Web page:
Currently, these paints are expensive and not totally effective. Burrow found that graphene oxide, a material found in pencils and sunscreen, could make the paint more potent. Bonus: It can even be used to sanitize water in Third World countries.
Actually, given the drought we are facing on our west coast water sanitation is a big thing. Plus, his discovery will bring the costs down immensely making global implementation affordable and practical.
“In the next 10, 20, 30 years, my vision for medical diagnostics and cancer diagnostics would be … a shift from symptom-based diagnosis,” Jack explained. “That’s my test. That’s really going to be the future of medicine because you really want definitive, quantitative results.”
According to BBC, a reason pancreatic cancer has a low survival rate is because there are very few symptoms. Because of this, doctors aren’t likely to suggest taking a diagnostic test. Jack’s extensive research on pancreatic cancer aims to change this. He created a urine and blood test that is 28 times cheaper and faster than the tests that already exist. His new test is also 100 times more sensitive and has a 90 percent accuracy rate.
Jack was fifteen when he won first place at the 2012 Intel International Science and Engineering Fair. His invention will allow doctors to get well ahead of the curve on cancer diagnoses and help save countless lives.
(She) has ideas that “flatten the earth,” yet remains grounded. Maybe it’s the mismatched socks.
Whatever her secret, the 17-year-old Morristown High School senior from Morris Township remained humble despite all the attention presented her Thursday afternoon when she was honored by school officials for being named a finalist in the 2013 Intel Science Talent Search.
She joins 39 other finalists — out of nearly 2,000 applicants nationwide — who will compete in March in Washington, D.C. for $630,000 in prizes and present their research at the National Geographic Society. Winners will be announced at an award ceremony on March 12.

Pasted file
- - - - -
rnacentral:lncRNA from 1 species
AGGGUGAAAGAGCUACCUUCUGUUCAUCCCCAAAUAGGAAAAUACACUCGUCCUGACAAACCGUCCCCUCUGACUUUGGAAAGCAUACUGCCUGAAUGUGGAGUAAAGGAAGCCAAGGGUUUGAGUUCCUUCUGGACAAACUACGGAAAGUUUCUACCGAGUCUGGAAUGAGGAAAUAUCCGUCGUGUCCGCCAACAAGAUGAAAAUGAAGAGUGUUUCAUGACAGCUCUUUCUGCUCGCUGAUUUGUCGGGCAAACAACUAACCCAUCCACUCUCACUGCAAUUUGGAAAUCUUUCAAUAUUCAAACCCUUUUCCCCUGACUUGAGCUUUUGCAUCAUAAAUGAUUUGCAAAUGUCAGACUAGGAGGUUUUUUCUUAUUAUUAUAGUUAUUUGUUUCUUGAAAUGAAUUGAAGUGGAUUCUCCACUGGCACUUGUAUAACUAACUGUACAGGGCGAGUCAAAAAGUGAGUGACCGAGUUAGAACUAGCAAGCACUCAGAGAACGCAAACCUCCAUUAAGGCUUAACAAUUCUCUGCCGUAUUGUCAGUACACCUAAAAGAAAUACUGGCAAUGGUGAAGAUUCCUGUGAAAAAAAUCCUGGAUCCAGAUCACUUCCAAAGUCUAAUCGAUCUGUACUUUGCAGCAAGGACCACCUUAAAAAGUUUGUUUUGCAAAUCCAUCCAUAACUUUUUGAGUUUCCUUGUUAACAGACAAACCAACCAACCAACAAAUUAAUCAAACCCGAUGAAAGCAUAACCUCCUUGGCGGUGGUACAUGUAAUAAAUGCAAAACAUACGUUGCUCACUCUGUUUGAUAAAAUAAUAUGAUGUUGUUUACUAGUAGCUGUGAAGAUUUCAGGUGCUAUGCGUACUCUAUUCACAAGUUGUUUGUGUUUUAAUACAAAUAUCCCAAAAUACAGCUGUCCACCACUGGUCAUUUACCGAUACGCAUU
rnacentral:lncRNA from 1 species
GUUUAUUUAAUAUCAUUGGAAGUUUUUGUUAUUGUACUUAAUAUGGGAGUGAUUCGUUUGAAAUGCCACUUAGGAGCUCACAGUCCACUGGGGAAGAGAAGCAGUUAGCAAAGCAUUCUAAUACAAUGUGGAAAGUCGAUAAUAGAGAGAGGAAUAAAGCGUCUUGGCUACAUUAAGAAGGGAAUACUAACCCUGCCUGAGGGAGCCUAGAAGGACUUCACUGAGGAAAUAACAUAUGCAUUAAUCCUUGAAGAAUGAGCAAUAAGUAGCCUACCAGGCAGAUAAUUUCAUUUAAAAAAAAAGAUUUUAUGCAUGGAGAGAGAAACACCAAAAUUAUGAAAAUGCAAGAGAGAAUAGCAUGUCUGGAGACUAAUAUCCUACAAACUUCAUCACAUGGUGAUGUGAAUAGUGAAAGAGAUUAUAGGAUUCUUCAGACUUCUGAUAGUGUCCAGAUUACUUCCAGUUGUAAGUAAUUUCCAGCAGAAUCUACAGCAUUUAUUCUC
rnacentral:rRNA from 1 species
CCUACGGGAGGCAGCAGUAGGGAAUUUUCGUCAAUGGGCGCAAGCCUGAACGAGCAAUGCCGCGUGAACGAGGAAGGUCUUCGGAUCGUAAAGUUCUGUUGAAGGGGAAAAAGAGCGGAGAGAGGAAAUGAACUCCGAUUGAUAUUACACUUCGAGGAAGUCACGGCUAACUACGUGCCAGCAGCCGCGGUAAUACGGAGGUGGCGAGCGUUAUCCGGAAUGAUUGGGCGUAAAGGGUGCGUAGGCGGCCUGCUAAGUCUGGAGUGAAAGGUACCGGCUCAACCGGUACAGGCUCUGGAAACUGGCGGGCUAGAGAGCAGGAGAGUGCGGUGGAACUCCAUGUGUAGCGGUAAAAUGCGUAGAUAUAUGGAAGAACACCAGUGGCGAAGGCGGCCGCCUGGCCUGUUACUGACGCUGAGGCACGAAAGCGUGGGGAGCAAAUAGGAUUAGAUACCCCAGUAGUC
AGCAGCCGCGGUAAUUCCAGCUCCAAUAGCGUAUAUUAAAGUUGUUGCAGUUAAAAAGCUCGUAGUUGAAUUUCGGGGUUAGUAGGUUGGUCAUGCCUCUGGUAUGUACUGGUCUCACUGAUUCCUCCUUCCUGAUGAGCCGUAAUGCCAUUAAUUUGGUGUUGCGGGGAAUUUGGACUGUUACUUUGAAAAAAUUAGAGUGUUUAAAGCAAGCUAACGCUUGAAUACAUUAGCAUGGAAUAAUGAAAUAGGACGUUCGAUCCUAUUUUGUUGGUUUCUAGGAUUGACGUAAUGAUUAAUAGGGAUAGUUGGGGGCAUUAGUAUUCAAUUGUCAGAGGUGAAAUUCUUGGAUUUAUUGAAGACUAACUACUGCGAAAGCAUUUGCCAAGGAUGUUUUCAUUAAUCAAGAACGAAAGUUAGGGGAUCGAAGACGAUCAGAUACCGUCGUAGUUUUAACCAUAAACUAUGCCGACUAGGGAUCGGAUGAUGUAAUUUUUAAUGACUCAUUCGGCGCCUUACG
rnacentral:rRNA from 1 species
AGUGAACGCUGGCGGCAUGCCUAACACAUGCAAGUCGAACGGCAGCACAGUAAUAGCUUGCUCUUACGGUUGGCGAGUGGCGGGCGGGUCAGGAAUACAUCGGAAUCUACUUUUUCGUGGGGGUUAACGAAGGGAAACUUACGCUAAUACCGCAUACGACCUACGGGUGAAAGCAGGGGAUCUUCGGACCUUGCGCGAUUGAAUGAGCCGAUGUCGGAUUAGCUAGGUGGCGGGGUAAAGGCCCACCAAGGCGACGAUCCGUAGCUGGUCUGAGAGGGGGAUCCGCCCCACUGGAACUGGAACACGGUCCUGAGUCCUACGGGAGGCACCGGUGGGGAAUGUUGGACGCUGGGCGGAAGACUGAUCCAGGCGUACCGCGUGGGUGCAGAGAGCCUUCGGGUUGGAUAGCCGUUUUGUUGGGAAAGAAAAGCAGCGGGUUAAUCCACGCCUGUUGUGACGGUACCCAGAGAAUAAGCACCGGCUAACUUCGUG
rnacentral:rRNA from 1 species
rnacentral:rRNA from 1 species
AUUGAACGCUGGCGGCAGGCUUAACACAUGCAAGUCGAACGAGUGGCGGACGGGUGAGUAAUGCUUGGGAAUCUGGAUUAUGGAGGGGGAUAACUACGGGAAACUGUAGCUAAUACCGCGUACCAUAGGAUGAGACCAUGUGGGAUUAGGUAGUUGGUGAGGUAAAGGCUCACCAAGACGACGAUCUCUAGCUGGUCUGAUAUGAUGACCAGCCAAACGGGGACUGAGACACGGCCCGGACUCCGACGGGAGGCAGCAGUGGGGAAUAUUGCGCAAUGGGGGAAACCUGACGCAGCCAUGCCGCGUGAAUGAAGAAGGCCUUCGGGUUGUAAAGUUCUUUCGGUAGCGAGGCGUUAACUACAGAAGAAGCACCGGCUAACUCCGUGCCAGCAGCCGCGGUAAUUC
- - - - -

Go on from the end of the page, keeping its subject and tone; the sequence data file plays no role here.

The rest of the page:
Wong’s research project, “A Novel Design for Wireless Low-Cost Cardiac Examination Over the Mobile Phone Platform: Telemedicine for the Developing World,” provides the mechanism for real-time transmission of medical data through a cell phone, providing access to health care to nearly two-billion people in remote or underdeveloped areas of the world. Dr. Eric Topol, a cardiologist at the Scripps Research Institute in California remarked that Wong’s project “is the kind of technology that ‘flattens the earth’ for better medical care.”
Think about this one for a minute. No matter who you are or where you’re at you can send real time information about your health to a medical professional and get an accurate diagnosis based on facts and not uncle Elmo’s strongly held beliefs in corn fritters.
We’ve seen teens devise potential cures for cancer, build nuclear reactors and use musical instruments as inspiration for the creation of low-cost landmind detectors — all before receiving their high school diplomas. And now, the latest in a line of unbelievable teen scientists has made another major breakthrough. Sixteen-year-old Janelle Tam has discovered that cellulose, a material found in trees that helps them stand up straight, is an antioxidant with potent anti-aging properties.
Tam’s study of minute particles in tree pulp known as nano-crystalline cellulose (NCC) led to an “a-ha”! moment for the young innovator — she had unearthed a super-durable material that had the power to fight disease and prevent aging. This unbelievable discovery won Tam the 2012 Sanofi BioGENEius Challenge Canada, a national competition for young scientists.
NCC is similar to antioxidants Vitamin C and Vitamin E in terms of its ability to fight damaging free-radicals, but it may even be superior insofar as it is more stable and therefore potentially longer-lasting.
“It would be really nice to commercialise this,” Tam told AFP. “I envision it more as an ingredient that would be added to existing formulations, so it could be added to tablets or bandaids for a wound dressing or it could be added to cosmetic cream.”
Her game-changing innovation — which could literally shape the face of the anti-aging product industry — earned Tam a a $5,000 award from the National Research Council of Canada.
It will also earn her one of those jobs where she can earn a Ferrari by her twenty-fifth birthday. A fact that I’m fine with. This stuff would be like Neosporin on amyl nitrate. Wounds could heal exponentially faster. Which means less stress on the immune system which means longer lives for everyone.
So the next time you hear someone moan “kids these days” make sure you tell them “And thank God for them.”